Blogs >> How myths and stories help us understand the world by Rachel Fleming

How myths and stories help us understand the world by Rachel Fleming

The Good Ship Myth and Ecology

From the moment I sat on the front lawn of the Old Postern with Martin Shaw and we shook hands on running an MA programme in Myth and Ecology, I knew I would have to take it myself.

I don’t want another Masters, but there was something about this one that could not be avoided. I had been creating courses for Schumacher College for seven years and needed a creative break, I’d worked with Martin for a long time, and knew that what he offers is totally unique, but there was something about his proposition this time that sounded like the most powerful libation I’ve ever heard for a world in need.

What he suggested was a close look at the way that humans think and feel about their place in the world, an exploration of the way we use our myths and stories to understand and create the world around us. This programme, the good ship Myth and Ecology would be setting sail to un-map and re-map human imagination itself, the very source of all that we have created.

When did we stop noticing that there is something of soul outside of our small selves? If we can find another world, a world of non-ordinariness, a world of magic and soul that lies within this one, not separate from it, then perhaps we can learn to live in a different way within it, with more reverence.

Three months into the programme, far from land, I am not disappointed. Last week, we were huddled in the ships cabin – a room in the Elmhirst Centre at Dartington Hall where scholars and explorers have been before us – visiting Homer’s Greece. We embarked on a mead-fuelled telling and exploration of The Odyssey - our first foray into the workings of the human mind as we experience it today. On the way to Greece, the islands and peoples we visited on our own Odyssey, have included Paleolithic hunters and gatherers, Neolithic agriculturalists, the sea-board dwelling Haida of North West Canada, the shamanic Tungus of Siberia and the flesh-eating Yagwoia of Papua New Guninea. 

We were looking at their stories, their relationship with the Gods, the way they live and how they interact and behave within the natural world around them. We were joined by the world’s leading poets and anthropologists in this endeavour, Robert Bringhurst with his knowledge of Haida myth, Jadran Mimica our expert anthropologist on the spell-making and mortuary practices of PNG, and with many more to come, all of them excited to travel a while with our expedition, the first of its kind in the world.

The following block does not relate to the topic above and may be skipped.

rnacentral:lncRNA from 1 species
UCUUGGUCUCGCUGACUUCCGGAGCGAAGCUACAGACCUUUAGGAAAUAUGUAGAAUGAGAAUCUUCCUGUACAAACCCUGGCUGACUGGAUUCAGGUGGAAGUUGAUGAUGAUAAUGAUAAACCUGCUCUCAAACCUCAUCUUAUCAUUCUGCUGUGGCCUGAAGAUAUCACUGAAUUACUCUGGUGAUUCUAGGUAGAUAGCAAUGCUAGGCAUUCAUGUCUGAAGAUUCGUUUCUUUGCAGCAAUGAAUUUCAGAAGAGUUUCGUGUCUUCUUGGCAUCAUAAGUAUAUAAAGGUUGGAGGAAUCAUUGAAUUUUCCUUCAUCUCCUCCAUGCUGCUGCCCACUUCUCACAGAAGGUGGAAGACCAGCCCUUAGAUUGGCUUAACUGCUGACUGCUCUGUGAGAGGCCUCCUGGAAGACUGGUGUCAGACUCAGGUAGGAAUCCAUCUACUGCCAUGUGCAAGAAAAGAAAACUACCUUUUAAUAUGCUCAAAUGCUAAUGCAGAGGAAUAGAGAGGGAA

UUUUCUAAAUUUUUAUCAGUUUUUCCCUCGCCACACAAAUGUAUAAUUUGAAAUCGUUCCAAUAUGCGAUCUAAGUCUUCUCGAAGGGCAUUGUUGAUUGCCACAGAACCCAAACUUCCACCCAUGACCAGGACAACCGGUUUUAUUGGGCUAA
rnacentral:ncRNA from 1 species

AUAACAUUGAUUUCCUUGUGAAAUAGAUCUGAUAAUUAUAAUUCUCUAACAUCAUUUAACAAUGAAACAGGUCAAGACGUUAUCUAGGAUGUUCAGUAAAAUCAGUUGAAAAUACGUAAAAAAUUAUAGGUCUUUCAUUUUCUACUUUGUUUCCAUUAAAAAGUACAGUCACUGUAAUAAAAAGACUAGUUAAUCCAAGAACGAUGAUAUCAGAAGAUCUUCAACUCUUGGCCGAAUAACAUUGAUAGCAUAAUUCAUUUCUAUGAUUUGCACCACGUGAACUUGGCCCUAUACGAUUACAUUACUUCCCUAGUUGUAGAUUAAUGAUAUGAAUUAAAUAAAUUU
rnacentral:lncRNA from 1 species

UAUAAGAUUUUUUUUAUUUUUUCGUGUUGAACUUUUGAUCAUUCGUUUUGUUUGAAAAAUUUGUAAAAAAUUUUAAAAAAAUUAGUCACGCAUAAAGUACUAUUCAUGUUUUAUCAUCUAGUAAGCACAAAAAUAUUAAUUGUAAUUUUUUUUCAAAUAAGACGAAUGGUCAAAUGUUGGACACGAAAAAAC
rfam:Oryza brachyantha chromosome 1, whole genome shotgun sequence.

What are we up to and where is this leading? Someone asked me recently whether this endeavour is a bit of an indulgence given that there will be no job at the end of it. All I can say to this is that we are not really looking for jobs, most of us already have jobs … we are psychotherapists, poets, academics, wilderness guides, philosophers, writers. What we will have to do at the end of this is find a way of taking back the many gifts we have received back to our communities.

But I am in no doubt of the value of what we are trying to achieve. The co-leader of the programme, anthropologist Carla Stang, began our first day by saying the one thing that has inspired her life’s work is the certainty that C S Lewis was right, that there is a door at the back of the wardrobe leading to another world besides the one we live in now, it is simply a matter of finding it. So we are looking – in the mythology and creation story of peoples through time and space, in the ‘mundus imaginalis’ of Henry Corbin, in the archetypal psychology of Carl Jung and James Hillman, in alchemy, in romanticism.  We are looking at the very act of telling the myths of the world themselves, in their roots and their sources and in the very movement of the imagination that this activity catches.

At what point did we stop telling each other the stories of our land and ancestors, our beginnings? When and why did we stop using the spells and believing that there was some kind of magic in the world? When did we stop noticing that there is something of soul outside of our small selves? If we can find another world, a world of non-ordinariness, a world of magic and soul that lies within this one, not separate from it, then perhaps we can learn to live in a different way within it, with more reverence. And for me that is a job worth doing.

Rachel Fleming is a student on the MA Myth and Ecology

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